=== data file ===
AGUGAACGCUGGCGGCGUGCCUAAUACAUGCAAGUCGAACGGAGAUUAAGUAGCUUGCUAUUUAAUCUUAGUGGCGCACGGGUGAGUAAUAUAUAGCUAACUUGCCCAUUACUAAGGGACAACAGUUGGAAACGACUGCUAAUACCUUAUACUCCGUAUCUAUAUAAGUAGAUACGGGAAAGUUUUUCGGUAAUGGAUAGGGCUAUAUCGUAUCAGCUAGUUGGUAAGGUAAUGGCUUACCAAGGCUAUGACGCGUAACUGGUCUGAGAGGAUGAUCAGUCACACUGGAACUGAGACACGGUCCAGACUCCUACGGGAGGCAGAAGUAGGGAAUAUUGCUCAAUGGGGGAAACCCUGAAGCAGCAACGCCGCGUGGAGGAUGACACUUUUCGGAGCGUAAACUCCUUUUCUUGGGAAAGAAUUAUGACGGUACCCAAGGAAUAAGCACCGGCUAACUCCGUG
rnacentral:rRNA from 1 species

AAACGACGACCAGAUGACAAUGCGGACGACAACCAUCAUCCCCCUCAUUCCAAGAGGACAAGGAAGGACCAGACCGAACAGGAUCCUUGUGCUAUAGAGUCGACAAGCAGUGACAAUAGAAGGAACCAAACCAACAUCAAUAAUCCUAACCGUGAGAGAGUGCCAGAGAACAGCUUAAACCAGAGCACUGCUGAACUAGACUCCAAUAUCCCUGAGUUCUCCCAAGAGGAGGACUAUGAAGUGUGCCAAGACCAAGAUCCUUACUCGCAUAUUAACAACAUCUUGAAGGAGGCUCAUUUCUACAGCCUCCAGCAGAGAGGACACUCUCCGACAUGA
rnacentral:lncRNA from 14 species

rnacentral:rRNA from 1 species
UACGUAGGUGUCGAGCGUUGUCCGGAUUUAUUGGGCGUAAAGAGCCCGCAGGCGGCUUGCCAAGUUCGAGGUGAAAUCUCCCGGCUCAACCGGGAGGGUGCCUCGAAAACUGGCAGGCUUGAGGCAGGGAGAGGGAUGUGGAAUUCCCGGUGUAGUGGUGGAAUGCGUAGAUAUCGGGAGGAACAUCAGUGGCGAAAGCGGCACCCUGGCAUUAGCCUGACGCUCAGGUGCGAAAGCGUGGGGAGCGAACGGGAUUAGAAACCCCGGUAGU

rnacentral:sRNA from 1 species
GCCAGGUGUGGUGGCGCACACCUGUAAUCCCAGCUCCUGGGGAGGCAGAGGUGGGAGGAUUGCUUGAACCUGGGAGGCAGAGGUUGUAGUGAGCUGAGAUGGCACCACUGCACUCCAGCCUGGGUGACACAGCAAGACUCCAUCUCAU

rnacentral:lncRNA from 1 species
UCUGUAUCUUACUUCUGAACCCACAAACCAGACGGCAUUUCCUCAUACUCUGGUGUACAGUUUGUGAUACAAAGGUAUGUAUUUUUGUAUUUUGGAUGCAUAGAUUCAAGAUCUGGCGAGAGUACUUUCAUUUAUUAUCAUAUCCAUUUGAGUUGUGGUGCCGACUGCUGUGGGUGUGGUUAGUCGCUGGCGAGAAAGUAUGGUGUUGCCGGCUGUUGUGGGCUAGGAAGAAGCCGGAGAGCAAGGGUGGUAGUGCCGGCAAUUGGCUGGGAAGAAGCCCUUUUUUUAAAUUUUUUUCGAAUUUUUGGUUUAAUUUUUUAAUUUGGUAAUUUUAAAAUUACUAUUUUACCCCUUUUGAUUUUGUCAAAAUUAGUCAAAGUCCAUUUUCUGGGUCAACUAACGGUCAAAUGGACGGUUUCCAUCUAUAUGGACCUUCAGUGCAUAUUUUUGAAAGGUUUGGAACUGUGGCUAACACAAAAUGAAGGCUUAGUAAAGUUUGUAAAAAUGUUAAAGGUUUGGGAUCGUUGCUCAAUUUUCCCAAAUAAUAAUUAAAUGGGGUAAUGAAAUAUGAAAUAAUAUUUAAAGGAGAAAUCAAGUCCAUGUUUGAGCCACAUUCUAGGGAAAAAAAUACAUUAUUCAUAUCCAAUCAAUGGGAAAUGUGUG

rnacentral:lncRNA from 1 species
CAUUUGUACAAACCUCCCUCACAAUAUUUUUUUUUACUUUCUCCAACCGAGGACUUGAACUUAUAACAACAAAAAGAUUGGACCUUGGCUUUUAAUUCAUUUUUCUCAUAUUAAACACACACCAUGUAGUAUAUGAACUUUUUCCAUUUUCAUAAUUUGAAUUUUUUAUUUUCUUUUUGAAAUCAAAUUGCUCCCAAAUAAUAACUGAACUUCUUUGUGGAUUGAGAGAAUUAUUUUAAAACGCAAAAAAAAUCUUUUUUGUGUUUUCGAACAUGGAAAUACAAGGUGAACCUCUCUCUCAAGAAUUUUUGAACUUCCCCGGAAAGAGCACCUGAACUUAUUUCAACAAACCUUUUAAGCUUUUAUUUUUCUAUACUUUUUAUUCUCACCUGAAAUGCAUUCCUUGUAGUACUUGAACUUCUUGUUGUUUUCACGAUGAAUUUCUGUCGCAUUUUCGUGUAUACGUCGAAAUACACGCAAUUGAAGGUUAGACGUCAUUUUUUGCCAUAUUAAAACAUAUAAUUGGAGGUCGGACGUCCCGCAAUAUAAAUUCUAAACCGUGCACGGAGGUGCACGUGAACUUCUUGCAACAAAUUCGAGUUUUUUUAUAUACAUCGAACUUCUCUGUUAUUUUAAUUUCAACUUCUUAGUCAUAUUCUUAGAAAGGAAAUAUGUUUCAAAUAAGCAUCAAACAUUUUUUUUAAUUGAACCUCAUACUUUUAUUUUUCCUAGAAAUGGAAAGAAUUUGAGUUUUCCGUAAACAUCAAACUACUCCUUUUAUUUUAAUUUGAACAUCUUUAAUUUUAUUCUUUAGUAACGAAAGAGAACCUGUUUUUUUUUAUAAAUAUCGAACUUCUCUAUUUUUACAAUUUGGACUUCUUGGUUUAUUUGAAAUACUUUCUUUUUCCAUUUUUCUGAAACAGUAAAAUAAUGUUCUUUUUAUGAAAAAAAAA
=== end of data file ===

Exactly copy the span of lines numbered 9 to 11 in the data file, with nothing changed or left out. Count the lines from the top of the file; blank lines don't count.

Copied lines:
rnacentral:lncRNA from 1 species
UCUGUAUCUUACUUCUGAACCCACAAACCAGACGGCAUUUCCUCAUACUCUGGUGUACAGUUUGUGAUACAAAGGUAUGUAUUUUUGUAUUUUGGAUGCAUAGAUUCAAGAUCUGGCGAGAGUACUUUCAUUUAUUAUCAUAUCCAUUUGAGUUGUGGUGCCGACUGCUGUGGGUGUGGUUAGUCGCUGGCGAGAAAGUAUGGUGUUGCCGGCUGUUGUGGGCUAGGAAGAAGCCGGAGAGCAAGGGUGGUAGUGCCGGCAAUUGGCUGGGAAGAAGCCCUUUUUUUAAAUUUUUUUCGAAUUUUUGGUUUAAUUUUUUAAUUUGGUAAUUUUAAAAUUACUAUUUUACCCCUUUUGAUUUUGUCAAAAUUAGUCAAAGUCCAUUUUCUGGGUCAACUAACGGUCAAAUGGACGGUUUCCAUCUAUAUGGACCUUCAGUGCAUAUUUUUGAAAGGUUUGGAACUGUGGCUAACACAAAAUGAAGGCUUAGUAAAGUUUGUAAAAAUGUUAAAGGUUUGGGAUCGUUGCUCAAUUUUCCCAAAUAAUAAUUAAAUGGGGUAAUGAAAUAUGAAAUAAUAUUUAAAGGAGAAAUCAAGUCCAUGUUUGAGCCACAUUCUAGGGAAAAAAAUACAUUAUUCAUAUCCAAUCAAUGGGAAAUGUGUG

rnacentral:lncRNA from 1 species